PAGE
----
We’re already sweaty.  So we might as well have something to show for it.


Go do it!  Just don’t make the post-workout ice cream too big.

Tuesday, September 8, 2015

Win fabulous prizes!


If we want to exercise regularly, we need to make it fun.  Otherwise, excuses are too easy to come by.  We all have limited time and energy and money.  We can all cite lots of things we probably should be doing right this very minute.  And we probably will choose the most fun one to do first (unless we are practicing rigorous time-management techniques that sometimes include getting the worst things done and out of the way before the fun stuff).

Making it fun takes many forms.  I love biking; no trouble to get me to go do that!  In fact, I love it that biking is good for me because otherwise I might view it as an indulgence for rare occasions.  If I need to do burpees, I had better find some other tactics to get some fun in there.  Like maybe burpees for margaritas.  Just kidding.  Sort of.  A better choice might be racing myself to get them done faster, or turning up the volume, or finding someone to do them with me so we can complain and suffer together.  Rewards also work, if we can manage to pick ones that don’t defeat the purpose (like those margaritas…).


Go play!

Monday, September 7, 2015

And thank you for the weekend, labor movement folks!


One of the key ideas in the early labor movement was time to rest.  We need both work and rest to be healthy.  Nowadays, many of us have sedentary jobs and we need to rest from them by getting out there and moving around.  Our brains need the rest of exercise and our bodies need to work and stretch muscles that have been still too long.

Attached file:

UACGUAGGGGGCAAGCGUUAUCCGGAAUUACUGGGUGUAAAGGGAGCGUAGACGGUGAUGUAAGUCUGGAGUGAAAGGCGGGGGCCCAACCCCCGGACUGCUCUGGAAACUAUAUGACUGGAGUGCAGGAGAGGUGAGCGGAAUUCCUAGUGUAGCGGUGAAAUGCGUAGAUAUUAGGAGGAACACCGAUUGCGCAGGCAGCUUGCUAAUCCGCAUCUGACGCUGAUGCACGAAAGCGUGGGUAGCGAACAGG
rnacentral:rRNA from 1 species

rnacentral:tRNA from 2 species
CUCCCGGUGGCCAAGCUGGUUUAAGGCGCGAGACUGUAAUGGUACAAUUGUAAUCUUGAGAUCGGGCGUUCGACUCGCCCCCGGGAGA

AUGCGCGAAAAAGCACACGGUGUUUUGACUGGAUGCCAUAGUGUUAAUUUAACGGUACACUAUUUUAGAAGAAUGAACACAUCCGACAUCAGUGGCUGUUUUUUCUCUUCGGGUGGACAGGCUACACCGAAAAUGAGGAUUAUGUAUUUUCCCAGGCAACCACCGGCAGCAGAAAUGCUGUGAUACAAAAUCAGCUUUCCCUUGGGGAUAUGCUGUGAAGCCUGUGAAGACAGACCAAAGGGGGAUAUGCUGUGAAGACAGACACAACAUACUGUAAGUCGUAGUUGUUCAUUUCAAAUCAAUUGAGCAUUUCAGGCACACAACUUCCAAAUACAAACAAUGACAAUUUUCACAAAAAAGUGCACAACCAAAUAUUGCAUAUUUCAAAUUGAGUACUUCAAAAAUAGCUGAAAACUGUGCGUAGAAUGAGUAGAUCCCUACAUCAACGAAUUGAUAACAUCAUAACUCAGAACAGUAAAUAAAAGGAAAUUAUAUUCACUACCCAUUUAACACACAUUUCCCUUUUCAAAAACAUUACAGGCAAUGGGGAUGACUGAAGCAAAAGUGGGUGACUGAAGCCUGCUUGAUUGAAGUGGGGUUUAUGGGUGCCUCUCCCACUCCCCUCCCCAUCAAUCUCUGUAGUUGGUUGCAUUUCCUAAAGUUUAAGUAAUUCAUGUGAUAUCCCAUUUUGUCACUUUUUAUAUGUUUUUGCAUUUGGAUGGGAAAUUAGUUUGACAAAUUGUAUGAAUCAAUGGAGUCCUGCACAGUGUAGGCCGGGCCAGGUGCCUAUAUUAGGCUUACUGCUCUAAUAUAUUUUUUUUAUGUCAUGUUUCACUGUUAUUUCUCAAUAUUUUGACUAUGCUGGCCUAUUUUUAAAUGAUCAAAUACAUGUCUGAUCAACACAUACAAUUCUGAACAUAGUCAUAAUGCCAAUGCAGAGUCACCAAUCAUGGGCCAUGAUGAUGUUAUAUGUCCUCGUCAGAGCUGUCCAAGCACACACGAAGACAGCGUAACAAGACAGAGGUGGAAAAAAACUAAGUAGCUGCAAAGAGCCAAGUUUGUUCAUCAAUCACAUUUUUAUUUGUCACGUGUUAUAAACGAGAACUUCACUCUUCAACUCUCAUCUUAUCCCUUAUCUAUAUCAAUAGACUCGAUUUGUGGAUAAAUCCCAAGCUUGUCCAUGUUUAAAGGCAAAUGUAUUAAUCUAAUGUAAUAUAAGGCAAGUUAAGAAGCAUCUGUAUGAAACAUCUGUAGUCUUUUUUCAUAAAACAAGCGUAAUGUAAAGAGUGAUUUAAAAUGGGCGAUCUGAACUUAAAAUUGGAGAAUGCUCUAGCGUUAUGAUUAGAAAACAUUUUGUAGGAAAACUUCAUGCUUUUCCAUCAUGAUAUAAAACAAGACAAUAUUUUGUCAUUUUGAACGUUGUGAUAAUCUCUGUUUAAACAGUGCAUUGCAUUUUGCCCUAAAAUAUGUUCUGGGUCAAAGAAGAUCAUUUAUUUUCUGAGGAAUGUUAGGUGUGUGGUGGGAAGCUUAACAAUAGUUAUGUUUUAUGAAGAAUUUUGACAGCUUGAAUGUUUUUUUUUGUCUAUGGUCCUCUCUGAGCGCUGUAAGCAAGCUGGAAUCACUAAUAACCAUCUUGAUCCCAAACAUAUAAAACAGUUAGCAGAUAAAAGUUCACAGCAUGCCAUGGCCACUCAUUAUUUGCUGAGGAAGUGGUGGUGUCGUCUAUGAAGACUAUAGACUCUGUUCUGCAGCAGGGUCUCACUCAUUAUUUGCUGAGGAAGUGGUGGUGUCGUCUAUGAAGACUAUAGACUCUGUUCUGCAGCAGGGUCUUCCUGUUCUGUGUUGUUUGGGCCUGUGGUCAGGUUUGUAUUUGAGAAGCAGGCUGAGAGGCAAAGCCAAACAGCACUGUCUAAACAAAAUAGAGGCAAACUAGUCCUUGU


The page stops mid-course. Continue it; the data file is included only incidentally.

Happy Labor Day, however you spend it!

Wednesday, September 2, 2015

Make the minutes count... so you can concentrate on form!!!


How many articles, commercials, and blurbs do we see about what we can do “in just minutes a day?”  Here’s the thing:  many of us do not have minutes to spend.  I think most of us have already focused in on our major time wasters (hello, cop shows; I am looking at you…) and found ways to avoid them or multitask during them (watch pretend science while we pedal our spin bikes!).  We have to set priorities.

In fitness, this means that we recognize that we have only so much time to devote to it.  We need to make sure that what we are doing works.  In my opinion this means:

Interval training.  It builds cardio-respiratory fitness faster than steady pace work, it bumps up the metabolism for the whole day, and it doesn’t take as long to get the benefits (i.e., half an hour of intervals reaps about the same benefit as a whole hour of non-interval training).

That leaves time for weight work, which builds muscle, which builds up the metabolism and shapes the body.

And there is still time to stretch and roll and relax.  We need to take a moment or two or three to restore the body and the mind.  We all have more tension than we need.  Stiffness is not fun.  Working out the kinks through myofascial release, flexibility work, and some deep breathing pays off in reducing pain and increasing mental clarity.


And we should also probably take two minutes to floss our teeth.

Tuesday, September 1, 2015

Sweet somethings... or not.


I had a great Hawaiian vacation on Maui.  One of the highlights was ziplining with Flyin’ Hawaiian Ziplines.  Much of the land over which we slid (flew?) consisted of sugarcane fields.  One of the guides told us that sugarcane takes about two years to mature.  The process of harvesting sugar contributed to the cultural diversity of Hawaii, as immigrants came from Portugal, China, Japan, and other places to work in the fields.  Nowadays, the cane is harvested by burning, which reduces the sugar loss between field and processing plant; unfortunately, the growers burn the fields, drip systems and all.  Burning plastics might not be the healthiest thing in the world.  In fact, the sugar growers willingly pay a fine for the environmental impact of burning fields.  All that irrigation is necessary because it takes about a ton of water to produce a pound of sugar.  For more on the environmental impact of sugar growing, check out World Wildlife’s data here.